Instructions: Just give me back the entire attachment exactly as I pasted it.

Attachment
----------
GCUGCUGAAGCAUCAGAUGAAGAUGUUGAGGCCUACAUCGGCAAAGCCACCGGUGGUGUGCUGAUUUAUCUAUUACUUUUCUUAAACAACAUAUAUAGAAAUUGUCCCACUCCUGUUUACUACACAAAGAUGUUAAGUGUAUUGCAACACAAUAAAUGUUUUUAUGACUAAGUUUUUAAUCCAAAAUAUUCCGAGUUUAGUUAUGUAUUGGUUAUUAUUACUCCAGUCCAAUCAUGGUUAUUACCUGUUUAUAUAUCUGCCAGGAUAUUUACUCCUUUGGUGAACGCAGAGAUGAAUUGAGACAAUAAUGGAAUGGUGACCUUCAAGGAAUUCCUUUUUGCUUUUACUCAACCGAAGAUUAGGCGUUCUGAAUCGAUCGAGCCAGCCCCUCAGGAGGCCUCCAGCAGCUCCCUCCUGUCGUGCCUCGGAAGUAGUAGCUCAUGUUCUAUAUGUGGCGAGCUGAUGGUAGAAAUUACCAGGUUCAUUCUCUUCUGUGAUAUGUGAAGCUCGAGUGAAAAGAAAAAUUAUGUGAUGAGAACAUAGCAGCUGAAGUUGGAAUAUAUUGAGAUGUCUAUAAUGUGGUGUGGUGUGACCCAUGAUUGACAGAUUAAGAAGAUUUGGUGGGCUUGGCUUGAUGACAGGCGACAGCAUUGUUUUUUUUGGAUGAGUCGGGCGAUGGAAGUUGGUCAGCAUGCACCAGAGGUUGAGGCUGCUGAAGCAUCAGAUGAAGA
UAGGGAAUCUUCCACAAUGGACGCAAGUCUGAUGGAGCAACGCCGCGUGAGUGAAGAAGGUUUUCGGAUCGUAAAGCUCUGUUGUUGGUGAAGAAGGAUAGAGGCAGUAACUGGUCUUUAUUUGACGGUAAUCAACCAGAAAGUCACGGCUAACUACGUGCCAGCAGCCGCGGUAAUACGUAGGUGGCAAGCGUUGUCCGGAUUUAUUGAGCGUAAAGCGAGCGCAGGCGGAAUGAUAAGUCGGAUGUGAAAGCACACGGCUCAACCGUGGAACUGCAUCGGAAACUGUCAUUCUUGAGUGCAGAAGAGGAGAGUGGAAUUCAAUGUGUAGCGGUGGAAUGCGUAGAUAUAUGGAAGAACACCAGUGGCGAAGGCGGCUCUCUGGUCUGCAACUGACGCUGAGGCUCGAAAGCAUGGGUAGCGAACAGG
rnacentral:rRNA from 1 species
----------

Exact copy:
GCUGCUGAAGCAUCAGAUGAAGAUGUUGAGGCCUACAUCGGCAAAGCCACCGGUGGUGUGCUGAUUUAUCUAUUACUUUUCUUAAACAACAUAUAUAGAAAUUGUCCCACUCCUGUUUACUACACAAAGAUGUUAAGUGUAUUGCAACACAAUAAAUGUUUUUAUGACUAAGUUUUUAAUCCAAAAUAUUCCGAGUUUAGUUAUGUAUUGGUUAUUAUUACUCCAGUCCAAUCAUGGUUAUUACCUGUUUAUAUAUCUGCCAGGAUAUUUACUCCUUUGGUGAACGCAGAGAUGAAUUGAGACAAUAAUGGAAUGGUGACCUUCAAGGAAUUCCUUUUUGCUUUUACUCAACCGAAGAUUAGGCGUUCUGAAUCGAUCGAGCCAGCCCCUCAGGAGGCCUCCAGCAGCUCCCUCCUGUCGUGCCUCGGAAGUAGUAGCUCAUGUUCUAUAUGUGGCGAGCUGAUGGUAGAAAUUACCAGGUUCAUUCUCUUCUGUGAUAUGUGAAGCUCGAGUGAAAAGAAAAAUUAUGUGAUGAGAACAUAGCAGCUGAAGUUGGAAUAUAUUGAGAUGUCUAUAAUGUGGUGUGGUGUGACCCAUGAUUGACAGAUUAAGAAGAUUUGGUGGGCUUGGCUUGAUGACAGGCGACAGCAUUGUUUUUUUUGGAUGAGUCGGGCGAUGGAAGUUGGUCAGCAUGCACCAGAGGUUGAGGCUGCUGAAGCAUCAGAUGAAGA
UAGGGAAUCUUCCACAAUGGACGCAAGUCUGAUGGAGCAACGCCGCGUGAGUGAAGAAGGUUUUCGGAUCGUAAAGCUCUGUUGUUGGUGAAGAAGGAUAGAGGCAGUAACUGGUCUUUAUUUGACGGUAAUCAACCAGAAAGUCACGGCUAACUACGUGCCAGCAGCCGCGGUAAUACGUAGGUGGCAAGCGUUGUCCGGAUUUAUUGAGCGUAAAGCGAGCGCAGGCGGAAUGAUAAGUCGGAUGUGAAAGCACACGGCUCAACCGUGGAACUGCAUCGGAAACUGUCAUUCUUGAGUGCAGAAGAGGAGAGUGGAAUUCAAUGUGUAGCGGUGGAAUGCGUAGAUAUAUGGAAGAACACCAGUGGCGAAGGCGGCUCUCUGGUCUGCAACUGACGCUGAGGCUCGAAAGCAUGGGUAGCGAACAGG
rnacentral:rRNA from 1 species